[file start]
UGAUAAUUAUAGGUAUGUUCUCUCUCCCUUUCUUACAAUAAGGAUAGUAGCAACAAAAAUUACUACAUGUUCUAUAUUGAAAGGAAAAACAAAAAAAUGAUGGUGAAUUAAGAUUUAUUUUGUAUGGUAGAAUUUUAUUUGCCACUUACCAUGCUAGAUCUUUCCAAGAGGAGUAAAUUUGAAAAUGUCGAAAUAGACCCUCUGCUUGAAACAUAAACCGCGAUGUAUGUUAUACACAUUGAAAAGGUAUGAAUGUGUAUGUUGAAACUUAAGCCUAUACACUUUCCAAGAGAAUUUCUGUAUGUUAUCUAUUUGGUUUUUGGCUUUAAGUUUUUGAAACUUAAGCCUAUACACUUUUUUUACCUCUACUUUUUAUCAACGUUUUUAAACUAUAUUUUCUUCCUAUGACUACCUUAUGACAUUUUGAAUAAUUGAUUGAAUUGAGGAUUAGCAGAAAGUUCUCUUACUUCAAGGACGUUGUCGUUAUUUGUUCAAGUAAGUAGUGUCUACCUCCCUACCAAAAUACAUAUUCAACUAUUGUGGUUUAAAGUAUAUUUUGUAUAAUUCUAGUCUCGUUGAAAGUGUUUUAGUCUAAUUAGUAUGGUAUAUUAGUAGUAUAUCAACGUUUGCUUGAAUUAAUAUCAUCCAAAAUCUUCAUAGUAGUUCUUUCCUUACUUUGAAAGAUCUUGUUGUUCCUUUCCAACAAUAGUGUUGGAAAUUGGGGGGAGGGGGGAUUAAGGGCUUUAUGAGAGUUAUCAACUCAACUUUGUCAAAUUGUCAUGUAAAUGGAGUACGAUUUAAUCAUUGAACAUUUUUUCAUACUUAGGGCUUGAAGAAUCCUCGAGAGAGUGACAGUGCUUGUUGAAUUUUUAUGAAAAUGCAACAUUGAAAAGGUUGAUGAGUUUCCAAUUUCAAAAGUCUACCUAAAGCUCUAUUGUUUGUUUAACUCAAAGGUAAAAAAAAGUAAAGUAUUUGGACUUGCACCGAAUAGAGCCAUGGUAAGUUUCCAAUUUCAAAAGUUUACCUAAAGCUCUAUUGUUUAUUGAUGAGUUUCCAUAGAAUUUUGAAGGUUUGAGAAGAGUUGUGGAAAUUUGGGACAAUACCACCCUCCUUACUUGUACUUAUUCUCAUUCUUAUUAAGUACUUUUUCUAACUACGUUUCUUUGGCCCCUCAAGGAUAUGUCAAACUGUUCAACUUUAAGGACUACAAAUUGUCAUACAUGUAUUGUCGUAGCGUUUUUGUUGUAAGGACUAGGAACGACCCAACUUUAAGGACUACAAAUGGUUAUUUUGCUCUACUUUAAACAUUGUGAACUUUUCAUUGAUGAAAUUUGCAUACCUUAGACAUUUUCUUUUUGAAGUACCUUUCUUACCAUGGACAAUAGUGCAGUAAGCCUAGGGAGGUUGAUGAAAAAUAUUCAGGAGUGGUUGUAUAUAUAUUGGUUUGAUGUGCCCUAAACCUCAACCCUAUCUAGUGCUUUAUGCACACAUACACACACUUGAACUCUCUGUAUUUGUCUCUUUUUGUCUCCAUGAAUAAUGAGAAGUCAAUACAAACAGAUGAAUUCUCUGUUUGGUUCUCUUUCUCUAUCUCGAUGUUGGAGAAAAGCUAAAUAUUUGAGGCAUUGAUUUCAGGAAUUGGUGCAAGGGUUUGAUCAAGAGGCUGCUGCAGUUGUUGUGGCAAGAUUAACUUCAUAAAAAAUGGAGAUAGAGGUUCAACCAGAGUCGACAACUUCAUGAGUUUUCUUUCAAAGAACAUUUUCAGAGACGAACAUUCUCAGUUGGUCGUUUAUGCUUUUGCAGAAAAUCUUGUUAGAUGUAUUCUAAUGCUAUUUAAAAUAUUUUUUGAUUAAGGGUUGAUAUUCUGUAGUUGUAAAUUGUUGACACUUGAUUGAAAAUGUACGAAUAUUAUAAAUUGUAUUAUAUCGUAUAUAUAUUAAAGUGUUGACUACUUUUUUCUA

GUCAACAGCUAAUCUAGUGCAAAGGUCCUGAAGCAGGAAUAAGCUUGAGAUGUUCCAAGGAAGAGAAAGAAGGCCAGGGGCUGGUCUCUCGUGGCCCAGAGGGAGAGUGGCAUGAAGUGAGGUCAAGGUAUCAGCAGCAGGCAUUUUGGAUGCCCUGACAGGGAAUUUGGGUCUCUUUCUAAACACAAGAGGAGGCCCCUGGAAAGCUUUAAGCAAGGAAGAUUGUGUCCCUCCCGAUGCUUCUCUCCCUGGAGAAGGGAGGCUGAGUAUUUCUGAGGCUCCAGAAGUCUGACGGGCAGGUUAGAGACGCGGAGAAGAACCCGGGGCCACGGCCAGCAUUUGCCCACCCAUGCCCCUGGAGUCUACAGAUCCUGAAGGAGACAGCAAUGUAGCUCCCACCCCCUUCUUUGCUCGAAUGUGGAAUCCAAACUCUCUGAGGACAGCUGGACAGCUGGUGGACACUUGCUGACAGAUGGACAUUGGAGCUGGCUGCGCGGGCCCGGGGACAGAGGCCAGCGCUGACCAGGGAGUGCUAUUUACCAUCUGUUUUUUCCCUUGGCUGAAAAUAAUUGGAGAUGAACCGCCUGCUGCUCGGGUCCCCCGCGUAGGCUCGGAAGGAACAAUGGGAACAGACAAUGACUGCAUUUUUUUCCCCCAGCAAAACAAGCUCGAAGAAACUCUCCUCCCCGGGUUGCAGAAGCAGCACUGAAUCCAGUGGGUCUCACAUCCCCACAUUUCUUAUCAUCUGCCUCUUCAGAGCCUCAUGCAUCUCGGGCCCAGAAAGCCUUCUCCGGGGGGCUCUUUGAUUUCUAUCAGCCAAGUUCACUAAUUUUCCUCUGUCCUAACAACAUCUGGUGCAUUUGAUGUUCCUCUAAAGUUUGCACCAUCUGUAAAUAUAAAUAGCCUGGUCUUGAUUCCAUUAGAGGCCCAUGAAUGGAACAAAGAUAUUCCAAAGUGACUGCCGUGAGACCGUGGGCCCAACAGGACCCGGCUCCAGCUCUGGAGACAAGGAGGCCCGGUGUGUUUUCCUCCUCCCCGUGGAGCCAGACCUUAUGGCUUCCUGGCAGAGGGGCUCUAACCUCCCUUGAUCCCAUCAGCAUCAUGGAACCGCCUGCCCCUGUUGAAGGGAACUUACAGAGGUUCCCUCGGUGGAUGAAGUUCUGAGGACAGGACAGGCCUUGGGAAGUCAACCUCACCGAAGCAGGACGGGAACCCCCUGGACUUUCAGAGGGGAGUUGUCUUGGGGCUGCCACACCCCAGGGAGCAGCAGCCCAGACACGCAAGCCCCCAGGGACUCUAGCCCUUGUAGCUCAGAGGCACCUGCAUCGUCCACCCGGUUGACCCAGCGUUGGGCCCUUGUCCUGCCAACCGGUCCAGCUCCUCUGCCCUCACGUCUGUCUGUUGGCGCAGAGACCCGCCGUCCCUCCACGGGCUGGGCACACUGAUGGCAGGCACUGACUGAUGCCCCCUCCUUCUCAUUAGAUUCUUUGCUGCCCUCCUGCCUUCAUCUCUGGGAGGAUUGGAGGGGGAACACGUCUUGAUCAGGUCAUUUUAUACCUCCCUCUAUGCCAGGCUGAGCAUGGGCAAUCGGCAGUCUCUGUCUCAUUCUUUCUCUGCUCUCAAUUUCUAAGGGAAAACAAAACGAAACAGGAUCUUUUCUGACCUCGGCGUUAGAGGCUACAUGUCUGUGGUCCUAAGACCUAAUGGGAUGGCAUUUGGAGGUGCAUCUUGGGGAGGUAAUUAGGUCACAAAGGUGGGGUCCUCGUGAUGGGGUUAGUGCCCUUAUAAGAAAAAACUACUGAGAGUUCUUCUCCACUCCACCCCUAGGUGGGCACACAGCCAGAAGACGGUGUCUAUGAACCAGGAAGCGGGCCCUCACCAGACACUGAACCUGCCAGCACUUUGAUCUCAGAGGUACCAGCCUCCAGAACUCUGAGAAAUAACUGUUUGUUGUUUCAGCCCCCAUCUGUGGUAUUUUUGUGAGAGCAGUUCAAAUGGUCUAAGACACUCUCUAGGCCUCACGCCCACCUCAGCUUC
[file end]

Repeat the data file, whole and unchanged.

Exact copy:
UGAUAAUUAUAGGUAUGUUCUCUCUCCCUUUCUUACAAUAAGGAUAGUAGCAACAAAAAUUACUACAUGUUCUAUAUUGAAAGGAAAAACAAAAAAAUGAUGGUGAAUUAAGAUUUAUUUUGUAUGGUAGAAUUUUAUUUGCCACUUACCAUGCUAGAUCUUUCCAAGAGGAGUAAAUUUGAAAAUGUCGAAAUAGACCCUCUGCUUGAAACAUAAACCGCGAUGUAUGUUAUACACAUUGAAAAGGUAUGAAUGUGUAUGUUGAAACUUAAGCCUAUACACUUUCCAAGAGAAUUUCUGUAUGUUAUCUAUUUGGUUUUUGGCUUUAAGUUUUUGAAACUUAAGCCUAUACACUUUUUUUACCUCUACUUUUUAUCAACGUUUUUAAACUAUAUUUUCUUCCUAUGACUACCUUAUGACAUUUUGAAUAAUUGAUUGAAUUGAGGAUUAGCAGAAAGUUCUCUUACUUCAAGGACGUUGUCGUUAUUUGUUCAAGUAAGUAGUGUCUACCUCCCUACCAAAAUACAUAUUCAACUAUUGUGGUUUAAAGUAUAUUUUGUAUAAUUCUAGUCUCGUUGAAAGUGUUUUAGUCUAAUUAGUAUGGUAUAUUAGUAGUAUAUCAACGUUUGCUUGAAUUAAUAUCAUCCAAAAUCUUCAUAGUAGUUCUUUCCUUACUUUGAAAGAUCUUGUUGUUCCUUUCCAACAAUAGUGUUGGAAAUUGGGGGGAGGGGGGAUUAAGGGCUUUAUGAGAGUUAUCAACUCAACUUUGUCAAAUUGUCAUGUAAAUGGAGUACGAUUUAAUCAUUGAACAUUUUUUCAUACUUAGGGCUUGAAGAAUCCUCGAGAGAGUGACAGUGCUUGUUGAAUUUUUAUGAAAAUGCAACAUUGAAAAGGUUGAUGAGUUUCCAAUUUCAAAAGUCUACCUAAAGCUCUAUUGUUUGUUUAACUCAAAGGUAAAAAAAAGUAAAGUAUUUGGACUUGCACCGAAUAGAGCCAUGGUAAGUUUCCAAUUUCAAAAGUUUACCUAAAGCUCUAUUGUUUAUUGAUGAGUUUCCAUAGAAUUUUGAAGGUUUGAGAAGAGUUGUGGAAAUUUGGGACAAUACCACCCUCCUUACUUGUACUUAUUCUCAUUCUUAUUAAGUACUUUUUCUAACUACGUUUCUUUGGCCCCUCAAGGAUAUGUCAAACUGUUCAACUUUAAGGACUACAAAUUGUCAUACAUGUAUUGUCGUAGCGUUUUUGUUGUAAGGACUAGGAACGACCCAACUUUAAGGACUACAAAUGGUUAUUUUGCUCUACUUUAAACAUUGUGAACUUUUCAUUGAUGAAAUUUGCAUACCUUAGACAUUUUCUUUUUGAAGUACCUUUCUUACCAUGGACAAUAGUGCAGUAAGCCUAGGGAGGUUGAUGAAAAAUAUUCAGGAGUGGUUGUAUAUAUAUUGGUUUGAUGUGCCCUAAACCUCAACCCUAUCUAGUGCUUUAUGCACACAUACACACACUUGAACUCUCUGUAUUUGUCUCUUUUUGUCUCCAUGAAUAAUGAGAAGUCAAUACAAACAGAUGAAUUCUCUGUUUGGUUCUCUUUCUCUAUCUCGAUGUUGGAGAAAAGCUAAAUAUUUGAGGCAUUGAUUUCAGGAAUUGGUGCAAGGGUUUGAUCAAGAGGCUGCUGCAGUUGUUGUGGCAAGAUUAACUUCAUAAAAAAUGGAGAUAGAGGUUCAACCAGAGUCGACAACUUCAUGAGUUUUCUUUCAAAGAACAUUUUCAGAGACGAACAUUCUCAGUUGGUCGUUUAUGCUUUUGCAGAAAAUCUUGUUAGAUGUAUUCUAAUGCUAUUUAAAAUAUUUUUUGAUUAAGGGUUGAUAUUCUGUAGUUGUAAAUUGUUGACACUUGAUUGAAAAUGUACGAAUAUUAUAAAUUGUAUUAUAUCGUAUAUAUAUUAAAGUGUUGACUACUUUUUUCUA

GUCAACAGCUAAUCUAGUGCAAAGGUCCUGAAGCAGGAAUAAGCUUGAGAUGUUCCAAGGAAGAGAAAGAAGGCCAGGGGCUGGUCUCUCGUGGCCCAGAGGGAGAGUGGCAUGAAGUGAGGUCAAGGUAUCAGCAGCAGGCAUUUUGGAUGCCCUGACAGGGAAUUUGGGUCUCUUUCUAAACACAAGAGGAGGCCCCUGGAAAGCUUUAAGCAAGGAAGAUUGUGUCCCUCCCGAUGCUUCUCUCCCUGGAGAAGGGAGGCUGAGUAUUUCUGAGGCUCCAGAAGUCUGACGGGCAGGUUAGAGACGCGGAGAAGAACCCGGGGCCACGGCCAGCAUUUGCCCACCCAUGCCCCUGGAGUCUACAGAUCCUGAAGGAGACAGCAAUGUAGCUCCCACCCCCUUCUUUGCUCGAAUGUGGAAUCCAAACUCUCUGAGGACAGCUGGACAGCUGGUGGACACUUGCUGACAGAUGGACAUUGGAGCUGGCUGCGCGGGCCCGGGGACAGAGGCCAGCGCUGACCAGGGAGUGCUAUUUACCAUCUGUUUUUUCCCUUGGCUGAAAAUAAUUGGAGAUGAACCGCCUGCUGCUCGGGUCCCCCGCGUAGGCUCGGAAGGAACAAUGGGAACAGACAAUGACUGCAUUUUUUUCCCCCAGCAAAACAAGCUCGAAGAAACUCUCCUCCCCGGGUUGCAGAAGCAGCACUGAAUCCAGUGGGUCUCACAUCCCCACAUUUCUUAUCAUCUGCCUCUUCAGAGCCUCAUGCAUCUCGGGCCCAGAAAGCCUUCUCCGGGGGGCUCUUUGAUUUCUAUCAGCCAAGUUCACUAAUUUUCCUCUGUCCUAACAACAUCUGGUGCAUUUGAUGUUCCUCUAAAGUUUGCACCAUCUGUAAAUAUAAAUAGCCUGGUCUUGAUUCCAUUAGAGGCCCAUGAAUGGAACAAAGAUAUUCCAAAGUGACUGCCGUGAGACCGUGGGCCCAACAGGACCCGGCUCCAGCUCUGGAGACAAGGAGGCCCGGUGUGUUUUCCUCCUCCCCGUGGAGCCAGACCUUAUGGCUUCCUGGCAGAGGGGCUCUAACCUCCCUUGAUCCCAUCAGCAUCAUGGAACCGCCUGCCCCUGUUGAAGGGAACUUACAGAGGUUCCCUCGGUGGAUGAAGUUCUGAGGACAGGACAGGCCUUGGGAAGUCAACCUCACCGAAGCAGGACGGGAACCCCCUGGACUUUCAGAGGGGAGUUGUCUUGGGGCUGCCACACCCCAGGGAGCAGCAGCCCAGACACGCAAGCCCCCAGGGACUCUAGCCCUUGUAGCUCAGAGGCACCUGCAUCGUCCACCCGGUUGACCCAGCGUUGGGCCCUUGUCCUGCCAACCGGUCCAGCUCCUCUGCCCUCACGUCUGUCUGUUGGCGCAGAGACCCGCCGUCCCUCCACGGGCUGGGCACACUGAUGGCAGGCACUGACUGAUGCCCCCUCCUUCUCAUUAGAUUCUUUGCUGCCCUCCUGCCUUCAUCUCUGGGAGGAUUGGAGGGGGAACACGUCUUGAUCAGGUCAUUUUAUACCUCCCUCUAUGCCAGGCUGAGCAUGGGCAAUCGGCAGUCUCUGUCUCAUUCUUUCUCUGCUCUCAAUUUCUAAGGGAAAACAAAACGAAACAGGAUCUUUUCUGACCUCGGCGUUAGAGGCUACAUGUCUGUGGUCCUAAGACCUAAUGGGAUGGCAUUUGGAGGUGCAUCUUGGGGAGGUAAUUAGGUCACAAAGGUGGGGUCCUCGUGAUGGGGUUAGUGCCCUUAUAAGAAAAAACUACUGAGAGUUCUUCUCCACUCCACCCCUAGGUGGGCACACAGCCAGAAGACGGUGUCUAUGAACCAGGAAGCGGGCCCUCACCAGACACUGAACCUGCCAGCACUUUGAUCUCAGAGGUACCAGCCUCCAGAACUCUGAGAAAUAACUGUUUGUUGUUUCAGCCCCCAUCUGUGGUAUUUUUGUGAGAGCAGUUCAAAUGGUCUAAGACACUCUCUAGGCCUCACGCCCACCUCAGCUUC